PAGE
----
MOSCOW -- A deep sense of suspicion settled over this city yesterday as Russians tried to grasp what could be behind the apartment-house bombings that have killed hundreds and thrown the whole country into a state of anxiety. Police searched traffic coming into Moscow and said they had checked nearly all the city's 30,000 residential buildings. Ordinary Muscovites made hundreds -- perhaps thousands -- of calls to a police hot line to report suspicious people and packages. Some of the country's leaders have blamed an international conspiracy of Islamic extremists.
NEWS
By LOS ANGELES TIMES | January 13, 1996
PERVOMAYSKAYA, Russia -- Chechen gunmen played a harrowing game of cat and mouse with their swelling store of hostages yesterday, scattering human pawns across this armor-encircled village to raise the stakes for Russian government forces pondering an all-out attack.The five-day standoff between the Kremlin and gunmen ready to die for a free Chechnya seemed frozen by both icy winds and hesitation, with neither side giving way in a stare-down that appeared to leave few alternatives for settlement aside from bloodletting.
NEWS
By Will Englund and Will Englund,SUN FOREIGN STAFF | October 3, 1999
MOSCOW -- Peter the Great grabbed the first piece of the Caucasus for Russia in the 18th century when he took over Dagestan, but shortly after he died the court at St. Petersburg, realizing how defiant and difficult the Dagestanis were, engineered a way to give the territory back to the shah of Persia.No one who followed has ever been so level-headed, as the present turmoil in the Caucasus demonstrates.Intent on subjugating the Muslim people of the mountains to the Russian crown, Peter's successors gradually, and bloodily, extended their sway over the region.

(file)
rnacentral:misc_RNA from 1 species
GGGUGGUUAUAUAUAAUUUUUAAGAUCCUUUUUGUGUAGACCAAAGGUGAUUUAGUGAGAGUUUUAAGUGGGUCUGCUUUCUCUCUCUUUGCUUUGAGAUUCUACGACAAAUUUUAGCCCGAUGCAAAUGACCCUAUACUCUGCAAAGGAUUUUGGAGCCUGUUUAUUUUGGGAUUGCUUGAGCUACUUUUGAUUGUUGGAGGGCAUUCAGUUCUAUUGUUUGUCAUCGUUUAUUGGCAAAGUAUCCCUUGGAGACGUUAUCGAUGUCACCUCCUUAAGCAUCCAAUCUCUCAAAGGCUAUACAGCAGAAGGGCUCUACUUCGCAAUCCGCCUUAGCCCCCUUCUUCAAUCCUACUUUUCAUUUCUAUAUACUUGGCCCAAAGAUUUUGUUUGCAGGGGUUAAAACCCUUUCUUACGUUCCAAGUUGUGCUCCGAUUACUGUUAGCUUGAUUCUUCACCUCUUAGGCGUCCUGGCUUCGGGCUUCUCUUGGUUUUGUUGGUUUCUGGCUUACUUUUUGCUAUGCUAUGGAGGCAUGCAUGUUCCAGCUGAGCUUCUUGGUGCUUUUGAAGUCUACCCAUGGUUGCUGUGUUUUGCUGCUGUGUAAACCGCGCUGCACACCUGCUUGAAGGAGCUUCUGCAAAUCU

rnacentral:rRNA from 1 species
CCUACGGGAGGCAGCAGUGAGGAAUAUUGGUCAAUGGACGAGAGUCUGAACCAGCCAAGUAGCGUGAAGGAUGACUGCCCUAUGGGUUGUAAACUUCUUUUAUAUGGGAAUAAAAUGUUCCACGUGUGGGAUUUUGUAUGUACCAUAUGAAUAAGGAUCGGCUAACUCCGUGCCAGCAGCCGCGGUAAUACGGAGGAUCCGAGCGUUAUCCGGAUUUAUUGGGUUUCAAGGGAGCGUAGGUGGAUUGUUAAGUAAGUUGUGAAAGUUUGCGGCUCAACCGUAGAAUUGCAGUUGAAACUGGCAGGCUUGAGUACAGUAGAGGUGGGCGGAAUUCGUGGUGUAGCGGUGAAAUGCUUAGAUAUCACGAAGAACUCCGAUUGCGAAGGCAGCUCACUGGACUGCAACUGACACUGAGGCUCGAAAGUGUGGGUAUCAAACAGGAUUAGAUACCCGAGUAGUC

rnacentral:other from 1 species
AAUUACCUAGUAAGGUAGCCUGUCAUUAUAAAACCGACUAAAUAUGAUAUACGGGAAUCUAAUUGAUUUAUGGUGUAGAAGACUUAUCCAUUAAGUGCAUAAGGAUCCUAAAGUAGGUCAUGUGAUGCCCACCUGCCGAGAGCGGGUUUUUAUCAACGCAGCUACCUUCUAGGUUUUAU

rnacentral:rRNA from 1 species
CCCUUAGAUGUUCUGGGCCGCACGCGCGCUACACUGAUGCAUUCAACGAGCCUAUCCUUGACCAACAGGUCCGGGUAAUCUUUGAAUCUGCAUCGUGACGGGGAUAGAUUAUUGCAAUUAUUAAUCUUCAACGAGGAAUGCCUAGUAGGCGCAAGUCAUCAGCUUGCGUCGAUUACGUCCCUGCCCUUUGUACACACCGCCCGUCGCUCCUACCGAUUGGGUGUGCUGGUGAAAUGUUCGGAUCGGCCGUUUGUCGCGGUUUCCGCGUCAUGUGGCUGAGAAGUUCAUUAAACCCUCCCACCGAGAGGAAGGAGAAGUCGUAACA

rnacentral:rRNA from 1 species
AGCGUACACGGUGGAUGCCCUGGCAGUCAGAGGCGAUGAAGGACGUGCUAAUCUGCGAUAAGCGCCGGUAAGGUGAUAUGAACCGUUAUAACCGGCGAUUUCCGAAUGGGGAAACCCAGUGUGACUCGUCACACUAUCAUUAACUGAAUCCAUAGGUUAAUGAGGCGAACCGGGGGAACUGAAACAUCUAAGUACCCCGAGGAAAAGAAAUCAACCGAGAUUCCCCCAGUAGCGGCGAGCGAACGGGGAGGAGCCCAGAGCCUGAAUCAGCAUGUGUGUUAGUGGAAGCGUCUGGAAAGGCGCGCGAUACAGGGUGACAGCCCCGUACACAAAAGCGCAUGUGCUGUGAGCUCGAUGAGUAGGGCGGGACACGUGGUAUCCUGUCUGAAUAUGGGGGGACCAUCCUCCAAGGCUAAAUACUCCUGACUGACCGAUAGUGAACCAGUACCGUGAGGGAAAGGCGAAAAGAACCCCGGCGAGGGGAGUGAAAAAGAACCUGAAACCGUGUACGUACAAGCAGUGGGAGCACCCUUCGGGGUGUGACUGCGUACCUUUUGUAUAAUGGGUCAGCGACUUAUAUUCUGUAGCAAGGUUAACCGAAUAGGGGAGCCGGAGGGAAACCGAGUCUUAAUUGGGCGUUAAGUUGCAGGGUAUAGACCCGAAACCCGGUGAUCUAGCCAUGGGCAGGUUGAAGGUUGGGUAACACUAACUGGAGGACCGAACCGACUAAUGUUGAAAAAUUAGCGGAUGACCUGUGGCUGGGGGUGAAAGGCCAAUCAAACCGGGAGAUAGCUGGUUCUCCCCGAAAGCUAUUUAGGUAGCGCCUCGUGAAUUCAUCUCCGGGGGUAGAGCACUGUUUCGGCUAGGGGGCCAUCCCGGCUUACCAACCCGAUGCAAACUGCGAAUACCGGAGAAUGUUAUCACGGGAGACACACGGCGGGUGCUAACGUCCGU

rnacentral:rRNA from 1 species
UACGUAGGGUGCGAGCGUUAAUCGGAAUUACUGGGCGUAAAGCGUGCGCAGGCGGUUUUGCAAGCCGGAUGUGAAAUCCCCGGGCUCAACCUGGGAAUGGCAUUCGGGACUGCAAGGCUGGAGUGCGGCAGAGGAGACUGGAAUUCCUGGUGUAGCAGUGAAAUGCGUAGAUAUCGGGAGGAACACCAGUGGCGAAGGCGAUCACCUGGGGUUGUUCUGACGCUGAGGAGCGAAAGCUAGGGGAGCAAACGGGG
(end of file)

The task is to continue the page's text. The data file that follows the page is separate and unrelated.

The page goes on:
NEWS
By Will Englund and Will Englund,SUN FOREIGN STAFF | September 9, 1999
MOSCOW -- Every night, Russian television news programs show tanks firing and bombers bombing in Dagestan. Ordnance explodes and smoke billows in the mountain valleys. But some here are beginning to suspect that this latest war in the Caucasus is not all that it seems.Two weeks ago, Islamic militants led by Shamil Basayev stopped fighting and melted back across the border into neighboring Chechnya, leaving the Russian air force to spend several hours flattening what was by then a deserted village.
NEWS
By LOS ANGELES TIMES | September 6, 1999
MOSCOW -- Islamic rebels in southern Russia reopened their war for independence yesterday by launching a new incursion into the republic of Dagestan hours after a car bomb exploded in a military housing block there, killing at least 22 people.Russian officials said the incursion and the car bomb were "links in the same chain," demonstrating that despite Russian declarations of victory two weeks ago, religious and political unrest continues unabated in the volatile Caucasus region.The incursion by several thousand rebel fighters from bases in separatist Chechnya was the second into Dagestan in a month.